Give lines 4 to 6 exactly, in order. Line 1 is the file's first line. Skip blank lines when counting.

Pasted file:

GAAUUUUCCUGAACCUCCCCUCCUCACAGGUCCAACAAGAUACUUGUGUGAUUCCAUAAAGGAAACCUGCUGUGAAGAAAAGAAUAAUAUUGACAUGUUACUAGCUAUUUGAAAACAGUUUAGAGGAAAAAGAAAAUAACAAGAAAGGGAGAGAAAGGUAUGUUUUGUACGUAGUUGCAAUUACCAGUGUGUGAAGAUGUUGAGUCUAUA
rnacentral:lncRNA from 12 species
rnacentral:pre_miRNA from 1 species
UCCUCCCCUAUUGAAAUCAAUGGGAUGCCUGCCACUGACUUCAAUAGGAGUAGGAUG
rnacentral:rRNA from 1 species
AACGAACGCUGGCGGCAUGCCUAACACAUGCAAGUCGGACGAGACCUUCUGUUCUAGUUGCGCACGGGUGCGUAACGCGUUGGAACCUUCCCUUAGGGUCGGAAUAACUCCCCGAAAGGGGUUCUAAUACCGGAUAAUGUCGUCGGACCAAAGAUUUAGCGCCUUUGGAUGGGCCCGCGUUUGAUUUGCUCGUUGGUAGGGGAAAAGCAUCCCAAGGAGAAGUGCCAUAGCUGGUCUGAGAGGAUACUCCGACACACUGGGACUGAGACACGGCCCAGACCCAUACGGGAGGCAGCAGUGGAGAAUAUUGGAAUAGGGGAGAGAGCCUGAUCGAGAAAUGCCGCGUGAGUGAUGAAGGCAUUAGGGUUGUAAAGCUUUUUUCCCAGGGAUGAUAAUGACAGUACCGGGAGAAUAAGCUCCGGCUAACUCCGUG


UCCUCCCCUAUUGAAAUCAAUGGGAUGCCUGCCACUGACUUCAAUAGGAGUAGGAUG
rnacentral:rRNA from 1 species
AACGAACGCUGGCGGCAUGCCUAACACAUGCAAGUCGGACGAGACCUUCUGUUCUAGUUGCGCACGGGUGCGUAACGCGUUGGAACCUUCCCUUAGGGUCGGAAUAACUCCCCGAAAGGGGUUCUAAUACCGGAUAAUGUCGUCGGACCAAAGAUUUAGCGCCUUUGGAUGGGCCCGCGUUUGAUUUGCUCGUUGGUAGGGGAAAAGCAUCCCAAGGAGAAGUGCCAUAGCUGGUCUGAGAGGAUACUCCGACACACUGGGACUGAGACACGGCCCAGACCCAUACGGGAGGCAGCAGUGGAGAAUAUUGGAAUAGGGGAGAGAGCCUGAUCGAGAAAUGCCGCGUGAGUGAUGAAGGCAUUAGGGUUGUAAAGCUUUUUUCCCAGGGAUGAUAAUGACAGUACCGGGAGAAUAAGCUCCGGCUAACUCCGUG